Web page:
Outside cut - A 1 1/16 square
No offset - 13/16 square
Inside cut - 9/16" square part inside, 1 1/16" hole in the stock.

In other words, what I am seeing is ALL dimensions increased by about 0.8 percent. This is not apparent with small parts, but it does show up for large parts.

Here’s an actual example that I did. I made two concentric squares, 7" and 6". I cut the outer with an outside cut and the inner with an inside cut. This should give me a 7" square with a 6" hole in it.

Actually, the outside dimension is almost 7 1/16 and the inside almost 6 1/16

Here are the files:
ErrorDemo.c2d (7.9 KB) (14.9 KB)

Thank you!


(Neil Ferreri) #13

@TimM The error is not in the gcode. It is showing a 7" outside cut with a 6" inside cut (assuming a .125" end mill).
I’d suggest getting some calipers and calibrating your steps/mm for your machine.

(Timothy Masters) #14

I’d suggest getting some calipers and calibrating your steps/mm for your machine. <<

That makes perfect sense, because all of my dimensions are getting multiplied by about 1.008 when cut. Thank you! But now the question is, how do I do that? Is the process officially documented anywhere? Is it able to be done safely by the user?

I also wonder how it got out of calibration. The machine has only a few hours on it. I would have thought it would be properly calibrated at the factory. Can jostling during shipment cause this problem?

Anyhow, this sounds like a likely explanation. Thank you!


(William Adams) #15

As was noted previously:

(Timothy Masters) #16

Will - You said this should be a last resort, so I treated it as such, an unlikely source of the problem and dangerous to mess with. I also didn’t understand “only used for a specific pair of dimensions”. What does that mean?

I read the material in the link, but I have no idea what it means. What is Grbl?

If this is an adjustment that the user is expected to make, then I assume it’s got some official Carbide 3D documentation somewhere. Or maybe I should just call Tech Support and have someone hold my hand as I do it. I sure don’t want to damage my new machine!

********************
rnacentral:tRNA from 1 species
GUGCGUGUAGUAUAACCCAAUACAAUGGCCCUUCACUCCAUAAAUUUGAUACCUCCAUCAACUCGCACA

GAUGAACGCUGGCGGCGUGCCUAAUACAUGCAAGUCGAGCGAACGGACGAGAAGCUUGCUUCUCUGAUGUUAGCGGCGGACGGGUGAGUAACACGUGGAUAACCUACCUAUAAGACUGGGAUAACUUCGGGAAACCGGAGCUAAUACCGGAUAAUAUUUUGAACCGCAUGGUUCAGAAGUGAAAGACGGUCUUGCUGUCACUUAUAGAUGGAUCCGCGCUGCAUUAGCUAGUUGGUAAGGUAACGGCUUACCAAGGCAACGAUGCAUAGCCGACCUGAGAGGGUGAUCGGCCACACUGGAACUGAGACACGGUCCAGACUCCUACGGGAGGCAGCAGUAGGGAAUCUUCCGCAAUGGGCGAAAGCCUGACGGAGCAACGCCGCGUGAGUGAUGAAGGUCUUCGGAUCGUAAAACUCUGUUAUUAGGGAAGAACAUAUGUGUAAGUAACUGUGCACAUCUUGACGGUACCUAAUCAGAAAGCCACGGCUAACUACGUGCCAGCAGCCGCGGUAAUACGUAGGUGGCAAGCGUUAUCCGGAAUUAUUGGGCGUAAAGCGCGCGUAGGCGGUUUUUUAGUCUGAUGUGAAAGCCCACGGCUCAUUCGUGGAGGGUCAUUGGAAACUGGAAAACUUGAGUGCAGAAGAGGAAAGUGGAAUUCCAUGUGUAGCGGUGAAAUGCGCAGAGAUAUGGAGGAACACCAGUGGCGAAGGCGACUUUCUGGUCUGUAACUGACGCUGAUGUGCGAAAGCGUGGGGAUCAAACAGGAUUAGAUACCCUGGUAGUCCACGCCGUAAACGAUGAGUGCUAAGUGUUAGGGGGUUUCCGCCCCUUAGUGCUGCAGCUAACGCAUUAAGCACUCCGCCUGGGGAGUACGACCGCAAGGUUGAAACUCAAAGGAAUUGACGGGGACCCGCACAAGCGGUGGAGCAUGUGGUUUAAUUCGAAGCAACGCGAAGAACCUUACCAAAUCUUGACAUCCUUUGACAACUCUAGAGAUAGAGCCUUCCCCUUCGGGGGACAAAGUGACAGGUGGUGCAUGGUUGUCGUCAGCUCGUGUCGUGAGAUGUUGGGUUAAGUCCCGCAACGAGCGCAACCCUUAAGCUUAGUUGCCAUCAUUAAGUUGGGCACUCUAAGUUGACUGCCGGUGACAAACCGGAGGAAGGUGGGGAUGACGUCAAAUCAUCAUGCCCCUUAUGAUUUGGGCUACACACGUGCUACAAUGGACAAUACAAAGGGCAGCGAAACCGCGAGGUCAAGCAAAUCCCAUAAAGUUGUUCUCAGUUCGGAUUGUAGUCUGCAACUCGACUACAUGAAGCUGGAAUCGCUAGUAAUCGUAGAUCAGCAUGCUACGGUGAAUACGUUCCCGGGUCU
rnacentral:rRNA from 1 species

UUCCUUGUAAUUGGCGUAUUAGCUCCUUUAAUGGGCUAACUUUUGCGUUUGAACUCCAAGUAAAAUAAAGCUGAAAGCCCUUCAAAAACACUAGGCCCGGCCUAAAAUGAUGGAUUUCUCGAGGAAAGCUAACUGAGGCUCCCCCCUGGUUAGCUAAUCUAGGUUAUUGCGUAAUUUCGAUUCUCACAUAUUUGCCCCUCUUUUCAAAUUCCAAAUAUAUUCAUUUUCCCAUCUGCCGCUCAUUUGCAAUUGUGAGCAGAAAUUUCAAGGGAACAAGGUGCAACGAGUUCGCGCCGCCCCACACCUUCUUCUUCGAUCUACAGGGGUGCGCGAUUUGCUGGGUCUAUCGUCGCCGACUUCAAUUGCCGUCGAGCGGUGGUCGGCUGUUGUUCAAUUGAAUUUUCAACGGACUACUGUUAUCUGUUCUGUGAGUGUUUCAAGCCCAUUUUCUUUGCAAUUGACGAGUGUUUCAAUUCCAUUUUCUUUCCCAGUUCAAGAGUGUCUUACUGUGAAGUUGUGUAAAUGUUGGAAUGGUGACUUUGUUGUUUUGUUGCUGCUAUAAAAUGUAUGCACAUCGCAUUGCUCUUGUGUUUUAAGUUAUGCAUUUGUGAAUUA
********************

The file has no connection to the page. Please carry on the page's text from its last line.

(William Adams) #17

If a person was cutting out a part such as you describe and didn’t want to alter the dimension of the part, they could change the scaling in Grbl to get the desired dimension.

Grbl is the firmware which is installed on the Arduino in the controller and which interprets G-Code into machine movement.

We’ve had a couple of folks make this change on their Nomads — it seems to work well for some folks — the concern is throwing off where the machine moves to for the tool length sensor. If that’s an issue, just hit the power, re-connect and undo the change.


Several years ago, I spent a day setting the scaling on my Nomad for the x and y axes as close to true as I could. The machine was in spec, but on the job I was doing at the time (microscope parts that needed to align pretty much dead on) it wasn’t quite there. Easy to do.

(Timothy Masters) #19

Okay, it sounds like we are closing in on the solution. Not much of a scale change should be needed, as the error factor appears to be about 1.008, pretty close to perfect. But how do I do this? I just fired up CarbideMotion and searched in vain for a way to do this. There is a Settings menu selection, but it just lists some parameters, says nothing about scaling, and not a clue as to how to change it. I also searched every document I could find on the Carbide site and could not find any documentation for this. Is it documented?

(William Adams) #20

It’s $100, 101, and 102 as noted at: